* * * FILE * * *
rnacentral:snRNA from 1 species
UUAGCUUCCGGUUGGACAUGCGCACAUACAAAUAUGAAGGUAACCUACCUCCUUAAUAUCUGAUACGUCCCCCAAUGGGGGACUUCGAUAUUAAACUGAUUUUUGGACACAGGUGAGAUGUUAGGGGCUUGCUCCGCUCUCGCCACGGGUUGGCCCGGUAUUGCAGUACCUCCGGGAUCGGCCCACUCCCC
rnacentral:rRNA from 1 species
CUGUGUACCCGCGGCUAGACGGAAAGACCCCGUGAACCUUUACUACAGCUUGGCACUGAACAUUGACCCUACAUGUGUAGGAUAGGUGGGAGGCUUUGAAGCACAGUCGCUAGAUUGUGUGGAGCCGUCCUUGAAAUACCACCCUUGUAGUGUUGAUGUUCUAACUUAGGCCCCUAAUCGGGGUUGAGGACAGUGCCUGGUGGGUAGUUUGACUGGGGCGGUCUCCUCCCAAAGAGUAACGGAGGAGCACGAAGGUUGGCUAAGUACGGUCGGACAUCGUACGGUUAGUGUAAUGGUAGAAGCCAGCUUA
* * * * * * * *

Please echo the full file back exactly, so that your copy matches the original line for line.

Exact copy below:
rnacentral:snRNA from 1 species
UUAGCUUCCGGUUGGACAUGCGCACAUACAAAUAUGAAGGUAACCUACCUCCUUAAUAUCUGAUACGUCCCCCAAUGGGGGACUUCGAUAUUAAACUGAUUUUUGGACACAGGUGAGAUGUUAGGGGCUUGCUCCGCUCUCGCCACGGGUUGGCCCGGUAUUGCAGUACCUCCGGGAUCGGCCCACUCCCC
rnacentral:rRNA from 1 species
CUGUGUACCCGCGGCUAGACGGAAAGACCCCGUGAACCUUUACUACAGCUUGGCACUGAACAUUGACCCUACAUGUGUAGGAUAGGUGGGAGGCUUUGAAGCACAGUCGCUAGAUUGUGUGGAGCCGUCCUUGAAAUACCACCCUUGUAGUGUUGAUGUUCUAACUUAGGCCCCUAAUCGGGGUUGAGGACAGUGCCUGGUGGGUAGUUUGACUGGGGCGGUCUCCUCCCAAAGAGUAACGGAGGAGCACGAAGGUUGGCUAAGUACGGUCGGACAUCGUACGGUUAGUGUAAUGGUAGAAGCCAGCUUA